Osob: The number of deaths had a lot to do with why there was such a huge response from the Somali community. Obviously there’s been a lot of conflict and terror attacks since the civil war but the numbers we’ve seen from the 14th October are just ridiculous; its been called the 9/11 of Somalia. It’s sad to say but I think that’s why people were interested. I think a lot of Som Socs wanted to get involved because there was no media coverage and most people were getting their information from twitter and that’s a problem.

Shukri: Think about it, so many people died and their names aren’t shared, their faces weren’t put in newspapers.

Angela: The Rohingya crisis continues to play out and was going on at the time of the Mogadishu attack however Mogadishu did not receive a morsel of the coverage the Myanmar issue has. Does race have a role to play in the Mogadishu crisis?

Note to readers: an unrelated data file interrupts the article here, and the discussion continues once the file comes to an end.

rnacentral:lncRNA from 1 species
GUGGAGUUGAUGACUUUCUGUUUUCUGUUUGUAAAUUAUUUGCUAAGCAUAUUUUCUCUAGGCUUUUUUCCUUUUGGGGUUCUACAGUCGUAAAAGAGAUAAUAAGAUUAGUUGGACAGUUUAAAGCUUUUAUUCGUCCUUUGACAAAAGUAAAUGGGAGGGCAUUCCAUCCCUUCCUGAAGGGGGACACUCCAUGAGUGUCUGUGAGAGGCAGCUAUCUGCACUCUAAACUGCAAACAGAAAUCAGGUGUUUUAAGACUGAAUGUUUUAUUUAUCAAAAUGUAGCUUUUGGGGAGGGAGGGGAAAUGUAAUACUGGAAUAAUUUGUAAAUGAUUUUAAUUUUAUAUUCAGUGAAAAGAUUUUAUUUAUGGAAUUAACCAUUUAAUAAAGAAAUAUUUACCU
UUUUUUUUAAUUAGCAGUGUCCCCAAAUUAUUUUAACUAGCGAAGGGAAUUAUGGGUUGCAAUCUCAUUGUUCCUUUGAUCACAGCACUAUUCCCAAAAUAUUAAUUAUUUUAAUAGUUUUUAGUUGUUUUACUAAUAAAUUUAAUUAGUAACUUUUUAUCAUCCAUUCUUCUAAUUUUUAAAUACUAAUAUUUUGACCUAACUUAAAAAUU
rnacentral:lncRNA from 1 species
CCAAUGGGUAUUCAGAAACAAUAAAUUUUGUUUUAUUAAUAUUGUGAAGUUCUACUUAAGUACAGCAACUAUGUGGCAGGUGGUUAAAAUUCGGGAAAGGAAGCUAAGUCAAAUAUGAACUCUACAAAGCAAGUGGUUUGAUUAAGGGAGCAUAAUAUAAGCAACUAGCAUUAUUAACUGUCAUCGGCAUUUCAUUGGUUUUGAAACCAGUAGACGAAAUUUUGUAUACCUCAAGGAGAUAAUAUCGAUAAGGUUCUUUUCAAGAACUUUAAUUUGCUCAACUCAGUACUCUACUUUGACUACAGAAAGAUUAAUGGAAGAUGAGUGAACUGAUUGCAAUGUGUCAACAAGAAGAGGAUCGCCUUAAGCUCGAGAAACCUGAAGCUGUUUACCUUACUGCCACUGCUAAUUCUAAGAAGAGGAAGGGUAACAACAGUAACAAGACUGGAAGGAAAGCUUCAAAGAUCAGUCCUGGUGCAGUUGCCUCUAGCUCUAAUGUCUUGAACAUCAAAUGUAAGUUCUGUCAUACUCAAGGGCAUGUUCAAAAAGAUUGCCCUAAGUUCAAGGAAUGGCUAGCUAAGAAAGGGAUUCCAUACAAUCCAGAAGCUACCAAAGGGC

Rahma: Race has a HUGE part to play – definitely a massive part to play! I think its such a big problem. Just look at the university scene, Islamic Societies (ISOCs) are usually dominated by Asian Muslims and even when people in the UK think of a Muslim, they think of an Asian Muslim. Even though these atrocities took place, we ourselves had to reach out to the society – we shouldn’t have had to ask.

Shukri: I asked why they hadn’t responded immediately and I was met with a vague answer which at the time made me very upset. What I was trying to make them understand is that it was and is a dire issue! Eventually, they did share links to some of the organisations we were supporting.

Hafsa: More or less Somalis tend to do things ourselves. For me, it was really difficult getting a response from the ISOC it was frustrating. I just think it is so much easier to do things by ourselves. I would urge Somali’s to stick together, which we’re very good at anyway. In staying together we can break the barriers that we face as a community. I think the government and media have capacity to do something, of course they do. I’ve seen so much on Syria but I don’t see much on Somalia. It’s been mainly us using twitter to spread the news.